Disney Must Pay

Well, here’s something utterly dreadful, something that hits on multiple levels. Not just concern for a writer who’s dedicated decades of his life to science fiction and fantasy, both original and adapted — but concern for the future of every other creator, writer, artist, and musician. And concern for the future of the entire concept of copyright.

Check the link above for the full details, but the general summary is this: Alan Dean Foster, who has been writing great fiction for as far back as I can remember and who has written lots of tie-in fiction for “Star Wars,” “Alien,” and more, hasn’t been receiving the royalties he was owed by Disney, which has mostly ignored his requests to get paid. They offered to negotiate once, but told him he had to sign a non-disclosure agreement first, which just isn’t done during contract negotiations. He asked the Science Fiction Writers of America for help, and Disney stiff-armed them, too.

Disney’s argument is apparently that when they acquired LucasFilm and Fox, they purchased the right to publish an artist’s work, but they did not purchase the obligation to pay artists for their work. In other words, they say they can publish a book, but they don’t have to pay the author.

This is, obviously, lunacy. No contracts are set up that way, except contracts written by crooks. Reputable publishers pay authors for the right to publish.

It doesn’t make much sense, on the surface. Disney has a near-monopoly on the entertainment industry. They’re worth, at the minimum, hundreds of billions of dollars. The amount of money they owe Foster — who has been diagnosed with cancer and whose wife has serious medical issues — would be a drop in the bucket for a multinational corporation like Disney.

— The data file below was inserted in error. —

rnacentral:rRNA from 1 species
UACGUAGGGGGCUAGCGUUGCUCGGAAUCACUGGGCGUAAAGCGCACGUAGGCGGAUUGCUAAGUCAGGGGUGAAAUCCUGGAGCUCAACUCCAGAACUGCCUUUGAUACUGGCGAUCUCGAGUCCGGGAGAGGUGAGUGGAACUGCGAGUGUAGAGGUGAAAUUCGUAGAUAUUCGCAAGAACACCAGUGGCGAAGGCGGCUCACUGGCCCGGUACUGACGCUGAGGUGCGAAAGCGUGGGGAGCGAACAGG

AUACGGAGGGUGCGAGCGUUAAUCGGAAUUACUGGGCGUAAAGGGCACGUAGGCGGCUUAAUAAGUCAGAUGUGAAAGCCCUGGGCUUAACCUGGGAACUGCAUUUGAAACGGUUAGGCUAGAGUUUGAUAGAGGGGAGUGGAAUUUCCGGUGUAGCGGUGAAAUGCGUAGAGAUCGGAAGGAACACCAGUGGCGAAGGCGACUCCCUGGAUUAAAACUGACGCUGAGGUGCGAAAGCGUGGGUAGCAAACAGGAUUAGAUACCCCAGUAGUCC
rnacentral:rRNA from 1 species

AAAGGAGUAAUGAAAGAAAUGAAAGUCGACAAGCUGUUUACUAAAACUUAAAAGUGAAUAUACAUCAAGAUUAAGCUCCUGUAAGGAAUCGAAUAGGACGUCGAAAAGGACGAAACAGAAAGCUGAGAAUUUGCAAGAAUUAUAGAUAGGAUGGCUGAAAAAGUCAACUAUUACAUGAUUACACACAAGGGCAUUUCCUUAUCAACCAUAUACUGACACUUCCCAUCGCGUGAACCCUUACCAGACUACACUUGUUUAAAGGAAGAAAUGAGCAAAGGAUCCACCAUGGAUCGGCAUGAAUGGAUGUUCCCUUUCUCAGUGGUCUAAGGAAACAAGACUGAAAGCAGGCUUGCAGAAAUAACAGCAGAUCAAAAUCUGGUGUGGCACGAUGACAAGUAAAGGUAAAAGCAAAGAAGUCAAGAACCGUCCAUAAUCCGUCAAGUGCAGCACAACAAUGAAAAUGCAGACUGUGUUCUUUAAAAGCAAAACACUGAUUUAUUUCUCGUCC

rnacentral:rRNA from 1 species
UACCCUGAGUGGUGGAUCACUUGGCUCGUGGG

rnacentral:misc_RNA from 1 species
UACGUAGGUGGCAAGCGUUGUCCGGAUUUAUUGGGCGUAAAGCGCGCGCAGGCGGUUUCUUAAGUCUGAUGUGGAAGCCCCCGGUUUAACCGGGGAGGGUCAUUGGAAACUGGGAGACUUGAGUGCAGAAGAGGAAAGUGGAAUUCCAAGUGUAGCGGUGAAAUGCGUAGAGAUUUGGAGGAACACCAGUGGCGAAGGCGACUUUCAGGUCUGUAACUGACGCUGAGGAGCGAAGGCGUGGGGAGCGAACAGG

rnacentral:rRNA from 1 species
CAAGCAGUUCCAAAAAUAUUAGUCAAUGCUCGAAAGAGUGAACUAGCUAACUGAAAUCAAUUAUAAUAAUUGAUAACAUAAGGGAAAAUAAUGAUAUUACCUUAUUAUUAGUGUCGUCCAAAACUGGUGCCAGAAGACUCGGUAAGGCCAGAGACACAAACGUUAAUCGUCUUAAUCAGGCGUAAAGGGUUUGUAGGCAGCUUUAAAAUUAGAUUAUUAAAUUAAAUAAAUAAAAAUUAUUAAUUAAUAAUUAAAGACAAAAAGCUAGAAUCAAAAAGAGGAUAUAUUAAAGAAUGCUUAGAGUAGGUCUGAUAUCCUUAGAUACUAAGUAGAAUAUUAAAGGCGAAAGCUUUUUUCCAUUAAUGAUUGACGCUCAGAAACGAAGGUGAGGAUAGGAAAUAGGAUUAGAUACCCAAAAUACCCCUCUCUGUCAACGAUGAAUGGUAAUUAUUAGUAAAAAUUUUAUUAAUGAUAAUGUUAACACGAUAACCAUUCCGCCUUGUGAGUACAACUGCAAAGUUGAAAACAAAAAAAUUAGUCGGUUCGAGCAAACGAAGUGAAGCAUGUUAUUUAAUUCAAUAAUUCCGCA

So what’s the motive? Partly because they can, and no one can stop them. If Foster fights them in court, Disney’s lawyers can wait him out ’til he’s bankrupt or dead. If the SFWA helps out, they can drain the organization dry with not much more effort.

But it’s also an attempt to rewrite the rules of copyright. If Disney can prevail, any publishing or entertainment company can break a contract to give themselves no obligation to pay their employees by simply having the rights purchased by a sister corporation. If they can get the courts to bow for this, it means that copyrights will be a tool only for the largest and most powerful corporations. Anyone who publishes a book or an artwork or a piece of music or film could find their rights stripped away with ease.

How can this be stopped? I really don’t know. The SFWA is recommending using the hashtag #DisneyMustPay — but that may be hoping Disney will pay any attention to a social media campaign. The legal system may be of no help at all — besides Disney’s ability to wait out other legal teams ’til they’re out of money, the courts and legislatures have a tendency to roll over for anything the Mouse wants.

We can hope justice will prevail. But in the real world, outside of fiction, comics, and film, justice rarely makes an appearance.

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